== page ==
Handle: RePEc:nlv:wpaper:1207
Contact details of provider: Phone: (702) 895-3776
Fax: (702) 895-1354
Web page: http://business.unlv.edu/econ/

More information through EDIRC

References listed on IDEAS
Please report citation or reference errors to , or , if you are the registered author of the cited work, log in to your RePEc Author Service profile, click on "citations" and make appropriate adjustments.:

as in new window
  1. Benati, Luca, 2008. "Investigating inflation persistence across monetary regimes," Working Paper Series 0851, European Central Bank.
  2. Gerlach, Stefan & Tillmann, Peter, 2012. "Inflation targeting and inflation persistence in Asia–Pacific," Journal of Asian Economics, Elsevier, vol. 23(4), pages 360-373.
  3. Stephen Cecchetti & Michael Ehrmann, 2000. "Does Inflation Targeting Increase Output volatility? An International Comparison of Policy Maker's Preferences and Outcomes," Working Papers Central Bank of Chile 69, Central Bank of Chile.
  4. Antonio Fatas & Ilian Mihov & Andrew K. Rose, 2004. "Quantitative Goals for Monetary Policy," NBER Working Papers 10846, National Bureau of Economic Research, Inc.
  5. Hutchison, M M & Walsh, C E, 1998. "The Output-Inflation Tradeoff and Central Bank Reform: Evidence from New Zealand," Economic Journal, Royal Economic Society, vol. 108(448), pages 703-25, May.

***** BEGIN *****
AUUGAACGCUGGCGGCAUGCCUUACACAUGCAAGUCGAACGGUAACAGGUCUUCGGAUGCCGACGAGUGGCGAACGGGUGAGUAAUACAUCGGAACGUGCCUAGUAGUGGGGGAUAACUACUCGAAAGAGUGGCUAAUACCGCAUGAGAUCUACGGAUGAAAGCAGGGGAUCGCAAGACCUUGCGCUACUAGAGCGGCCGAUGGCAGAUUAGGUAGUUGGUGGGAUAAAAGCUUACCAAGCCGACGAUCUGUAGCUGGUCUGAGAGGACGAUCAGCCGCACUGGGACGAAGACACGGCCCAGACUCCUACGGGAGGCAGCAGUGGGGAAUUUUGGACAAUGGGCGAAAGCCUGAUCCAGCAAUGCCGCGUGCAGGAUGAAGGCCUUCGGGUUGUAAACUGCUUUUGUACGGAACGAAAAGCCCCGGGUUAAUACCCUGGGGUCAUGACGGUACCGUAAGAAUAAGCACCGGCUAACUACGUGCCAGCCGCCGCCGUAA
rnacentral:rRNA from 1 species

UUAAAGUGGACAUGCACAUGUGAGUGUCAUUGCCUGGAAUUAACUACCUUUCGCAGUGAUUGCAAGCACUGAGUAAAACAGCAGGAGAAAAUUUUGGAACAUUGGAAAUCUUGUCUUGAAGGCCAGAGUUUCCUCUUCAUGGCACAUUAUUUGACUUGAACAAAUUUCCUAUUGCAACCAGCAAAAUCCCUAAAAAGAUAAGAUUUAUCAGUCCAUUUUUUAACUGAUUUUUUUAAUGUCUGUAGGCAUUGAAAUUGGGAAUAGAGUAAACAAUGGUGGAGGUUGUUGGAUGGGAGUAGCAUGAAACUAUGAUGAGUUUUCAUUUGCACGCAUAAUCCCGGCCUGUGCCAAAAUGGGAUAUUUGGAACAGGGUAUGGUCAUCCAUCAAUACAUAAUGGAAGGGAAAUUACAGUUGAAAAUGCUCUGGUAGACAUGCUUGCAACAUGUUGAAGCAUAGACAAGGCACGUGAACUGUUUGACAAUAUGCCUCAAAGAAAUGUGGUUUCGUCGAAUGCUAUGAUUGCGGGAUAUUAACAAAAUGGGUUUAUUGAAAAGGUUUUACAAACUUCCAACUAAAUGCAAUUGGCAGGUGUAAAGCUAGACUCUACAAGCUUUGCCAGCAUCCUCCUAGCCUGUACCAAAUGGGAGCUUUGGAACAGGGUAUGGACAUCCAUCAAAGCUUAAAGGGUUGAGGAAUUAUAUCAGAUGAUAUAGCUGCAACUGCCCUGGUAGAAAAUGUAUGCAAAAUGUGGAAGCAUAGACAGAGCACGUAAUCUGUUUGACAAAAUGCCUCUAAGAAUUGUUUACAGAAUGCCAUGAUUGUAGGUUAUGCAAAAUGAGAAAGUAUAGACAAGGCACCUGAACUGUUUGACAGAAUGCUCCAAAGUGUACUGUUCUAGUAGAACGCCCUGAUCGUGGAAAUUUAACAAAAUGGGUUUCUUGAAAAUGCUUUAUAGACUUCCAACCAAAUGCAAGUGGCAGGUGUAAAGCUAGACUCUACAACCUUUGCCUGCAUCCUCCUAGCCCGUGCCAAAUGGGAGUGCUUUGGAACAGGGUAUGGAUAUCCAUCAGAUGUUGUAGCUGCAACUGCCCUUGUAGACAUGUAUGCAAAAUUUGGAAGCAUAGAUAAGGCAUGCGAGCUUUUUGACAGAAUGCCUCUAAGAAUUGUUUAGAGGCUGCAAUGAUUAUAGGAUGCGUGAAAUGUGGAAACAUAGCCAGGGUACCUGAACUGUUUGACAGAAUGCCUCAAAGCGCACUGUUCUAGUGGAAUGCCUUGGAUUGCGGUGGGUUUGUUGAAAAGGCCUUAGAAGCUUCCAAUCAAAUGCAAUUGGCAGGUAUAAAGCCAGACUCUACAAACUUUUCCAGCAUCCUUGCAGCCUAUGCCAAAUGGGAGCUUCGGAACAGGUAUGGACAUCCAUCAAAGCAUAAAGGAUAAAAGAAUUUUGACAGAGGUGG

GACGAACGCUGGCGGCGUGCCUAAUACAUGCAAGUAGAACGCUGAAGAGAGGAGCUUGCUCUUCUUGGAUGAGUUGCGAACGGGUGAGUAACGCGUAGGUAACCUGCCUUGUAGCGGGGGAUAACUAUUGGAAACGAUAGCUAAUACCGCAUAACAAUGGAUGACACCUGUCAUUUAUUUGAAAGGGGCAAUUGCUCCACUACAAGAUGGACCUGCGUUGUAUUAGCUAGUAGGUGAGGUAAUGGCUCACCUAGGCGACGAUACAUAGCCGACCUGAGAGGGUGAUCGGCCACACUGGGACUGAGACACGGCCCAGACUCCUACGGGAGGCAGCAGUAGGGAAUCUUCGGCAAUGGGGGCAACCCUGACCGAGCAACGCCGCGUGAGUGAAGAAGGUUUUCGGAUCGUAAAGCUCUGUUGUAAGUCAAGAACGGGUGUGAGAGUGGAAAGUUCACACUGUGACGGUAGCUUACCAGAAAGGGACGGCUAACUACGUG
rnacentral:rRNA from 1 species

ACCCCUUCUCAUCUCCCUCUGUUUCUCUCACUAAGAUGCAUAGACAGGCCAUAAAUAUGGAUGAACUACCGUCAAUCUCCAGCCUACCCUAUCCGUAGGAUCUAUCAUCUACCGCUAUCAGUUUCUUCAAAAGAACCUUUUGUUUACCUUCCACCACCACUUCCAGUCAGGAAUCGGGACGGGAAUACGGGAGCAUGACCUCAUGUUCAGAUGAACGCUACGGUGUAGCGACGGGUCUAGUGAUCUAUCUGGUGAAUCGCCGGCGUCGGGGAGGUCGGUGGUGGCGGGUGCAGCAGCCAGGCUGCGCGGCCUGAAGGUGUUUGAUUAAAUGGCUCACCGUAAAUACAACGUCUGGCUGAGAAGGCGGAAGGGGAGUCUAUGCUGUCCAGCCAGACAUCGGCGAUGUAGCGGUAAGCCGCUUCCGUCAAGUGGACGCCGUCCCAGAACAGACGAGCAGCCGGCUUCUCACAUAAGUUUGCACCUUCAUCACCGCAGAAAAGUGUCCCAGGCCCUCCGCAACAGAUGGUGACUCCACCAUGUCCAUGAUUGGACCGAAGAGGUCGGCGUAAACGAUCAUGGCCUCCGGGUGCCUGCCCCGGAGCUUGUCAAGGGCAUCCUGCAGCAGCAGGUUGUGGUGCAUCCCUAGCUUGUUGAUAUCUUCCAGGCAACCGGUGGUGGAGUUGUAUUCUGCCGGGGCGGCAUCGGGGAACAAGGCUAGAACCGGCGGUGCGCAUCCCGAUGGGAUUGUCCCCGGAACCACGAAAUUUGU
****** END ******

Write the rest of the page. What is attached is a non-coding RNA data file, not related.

6. Jess Benhabib & Mark M. Spiegel, 2009. "Moderate Inflation and the Deflation-Depression Link," Journal of Money, Credit and Banking, Blackwell Publishing, vol. 41(4), pages 787-798, 06.
  7. Faust, Jon & Svensson, Lars E O, 1998. "Transparency and Credibility: Monetary Policy with Unobservable Goals," CEPR Discussion Papers 1852, C.E.P.R. Discussion Papers.
  8. Svensson, Lars E. O., 1997. "Inflation forecast targeting: Implementing and monitoring inflation targets," European Economic Review, Elsevier, vol. 41(6), pages 1111-1146, June.
  9. Fuhrer, Jeffrey C, 1997. "Inflation/Output Variance Trade-Offs and Optimal Monetary Policy," Journal of Money, Credit and Banking, Blackwell Publishing, vol. 29(2), pages 214-34, May.